This week I’m heading back to the early ’90’s for my AOTW pick. This record, by definition really an EP, was one of the most formative things I’ve ever heard and it’s also a set of songs that I’m very personally connected to after all these years. I’ve talked about a few of my favorite acts in the early stages of this site but now it’s time for my first dive into another of my all-time favorites.
Nine Inch Nails – Broken
Released September 22, 1992 via Nothing Records
Favorite Tracks – Wish, Last, Gave Up
The mini album features two instrumentals – opener Pinion and Help Me I Am In Hell in the middle of the effort. Both are fine and I’m not usually bothered by instrumentals or interlude-style things but certainly they are not the main event on Broken.
The show truly kicks off with Wish – a vicious, heavy as hell trip through self-hatred that wound up winning a Grammy in 1993 for Best Metal Performance. It was my first real introduction to the band as I didn’t remember much of the debut Pretty Hate Machine but I was primed and ready for NIN when Wish hit MTV. It’s easily one of my favorite songs from NIN and just songs overall.
Last is next and is another splendid take on self-dejection and the disposable nature of humanity. The pounding riff is superb and there are some fantastic lyrics in the song – “my lips may promise but my heart is a whore” being chief among them.
Happiness In Slavery hits with some crazy stuff about bondage or whatever. I certainly wasn’t in tune with what the song was talking about when I was 15. Regardless I still dig the track, there’s a shade more melody to it than the rest of the EP while still retaining the depths of heaviness found elsewhere.
The proper portion of Broken ends on another angst-ridden, depressive song that I consider a total masterwork. Gave Up is a sonic pummeling and some of the most messed up lyrics ever to be found in any mainstream music release. Trent Reznor masks some of his vocals in an almost black metal wail but the message of utter hopelessness is still conveyed in full measure.
The EP concludes with two bonus tracks – a cover of Adam Ant’s Physical and a quasi-cover of Pigface’s Suck. Reznor was a member of Pigface when Suck was originally recorded so it’s more of his own rendition of the song than a cover per se.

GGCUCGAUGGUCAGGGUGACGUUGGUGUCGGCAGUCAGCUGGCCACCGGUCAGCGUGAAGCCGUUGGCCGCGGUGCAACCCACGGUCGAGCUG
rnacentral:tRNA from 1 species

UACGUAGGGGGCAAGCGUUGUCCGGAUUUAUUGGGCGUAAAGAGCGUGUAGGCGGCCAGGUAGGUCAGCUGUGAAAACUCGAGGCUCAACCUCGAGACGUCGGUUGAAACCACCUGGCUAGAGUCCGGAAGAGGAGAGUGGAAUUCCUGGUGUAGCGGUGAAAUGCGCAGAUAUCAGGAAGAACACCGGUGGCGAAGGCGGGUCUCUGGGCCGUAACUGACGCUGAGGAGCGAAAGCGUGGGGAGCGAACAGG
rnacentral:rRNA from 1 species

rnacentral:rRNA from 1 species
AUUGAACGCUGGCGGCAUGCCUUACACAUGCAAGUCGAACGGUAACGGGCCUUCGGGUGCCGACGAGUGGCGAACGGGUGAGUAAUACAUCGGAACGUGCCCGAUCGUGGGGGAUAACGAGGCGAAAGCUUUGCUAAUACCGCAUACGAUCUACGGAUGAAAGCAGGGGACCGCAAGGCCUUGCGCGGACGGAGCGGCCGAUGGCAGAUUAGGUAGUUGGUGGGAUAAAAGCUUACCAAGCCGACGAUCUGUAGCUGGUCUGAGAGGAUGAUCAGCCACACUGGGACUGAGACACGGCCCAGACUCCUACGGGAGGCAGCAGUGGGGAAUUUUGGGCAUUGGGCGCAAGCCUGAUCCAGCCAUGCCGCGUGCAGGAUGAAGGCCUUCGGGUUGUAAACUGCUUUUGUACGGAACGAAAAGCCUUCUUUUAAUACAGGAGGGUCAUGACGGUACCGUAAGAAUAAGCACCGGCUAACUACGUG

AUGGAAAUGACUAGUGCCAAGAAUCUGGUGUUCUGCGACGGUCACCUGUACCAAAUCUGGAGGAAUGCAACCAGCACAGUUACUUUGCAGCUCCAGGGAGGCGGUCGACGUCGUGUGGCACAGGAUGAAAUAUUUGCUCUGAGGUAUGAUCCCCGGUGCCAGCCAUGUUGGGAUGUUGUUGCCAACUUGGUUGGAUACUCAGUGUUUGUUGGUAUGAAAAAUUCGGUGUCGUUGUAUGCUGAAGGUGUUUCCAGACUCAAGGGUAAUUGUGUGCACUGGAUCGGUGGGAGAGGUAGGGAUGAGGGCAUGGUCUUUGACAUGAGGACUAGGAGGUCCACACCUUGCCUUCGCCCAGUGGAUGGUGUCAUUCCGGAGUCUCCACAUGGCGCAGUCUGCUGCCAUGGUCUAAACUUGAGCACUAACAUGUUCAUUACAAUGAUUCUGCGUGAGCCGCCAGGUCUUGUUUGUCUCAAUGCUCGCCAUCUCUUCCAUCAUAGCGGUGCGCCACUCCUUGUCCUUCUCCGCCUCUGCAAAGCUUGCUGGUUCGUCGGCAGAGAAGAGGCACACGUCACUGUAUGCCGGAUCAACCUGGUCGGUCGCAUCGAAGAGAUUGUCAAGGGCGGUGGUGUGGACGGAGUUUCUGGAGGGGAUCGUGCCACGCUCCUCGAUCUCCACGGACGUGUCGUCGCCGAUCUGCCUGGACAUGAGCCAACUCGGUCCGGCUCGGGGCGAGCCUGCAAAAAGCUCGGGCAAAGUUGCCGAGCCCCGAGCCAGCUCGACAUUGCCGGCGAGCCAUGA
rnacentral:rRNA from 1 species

The physical album release provides some interesting trivia. The original CD release offered Physical and Suck on a 3-inch bonus mini CD. Both original and reissued versions of the vinyl have those songs on a separate 7-inch record. I think I had the normal CD way back when with the two extra songs tacked on after a lot of hidden silent tracks, kind of a thing in ’90’s CD releases.
I won’t get too much into it but there was also a film for Broken that was, let’s just say, flat out disgusting. I never saw the whole thing but bits I did watch were pretty messed up. Most of Wish made it onto MTV but the band apparently had to edit part of the video’s end out. I guess it’s not hard to get a DVD-quality version of the entire film on the ‘Net today but honestly that sort of snuff or whatever isn’t my gig so I don’t mess with it.
The three songs I mentioned as my favorites at the start – Wish, Last and Gave up – do hold pretty high personal connections with me. They are interwoven at multiple points in my life and mean different things depending on specifically what was up. It could be old friends who fell away, exes I should have never messed with in the first place, terrible heartbreak or just good old fashioned self-loathing and lack of worth. A copy of Broken is far cheaper than therapy, but I’m guessing that the album is also not anyone’s definition of self-care. I don’t know, I just roll with it.
Broken was a major shift for Nine Inch Nails in 1992 and would herald the magnum opus that was to come a few years later. But this EP itself is one of the high points of an extensive catalog of masterful recordings. Trent Reznor joined the likes of Ministry and others in a pursuit of dark, industrial metal and crafted an excellent, soul-crushing EP that was perhaps too dark for anyone’s good but would still go on to platinum sales status. It’s been one of the most valued and most important musical works in my life, and it’s definitely on my list of music I’d have to have on desert island.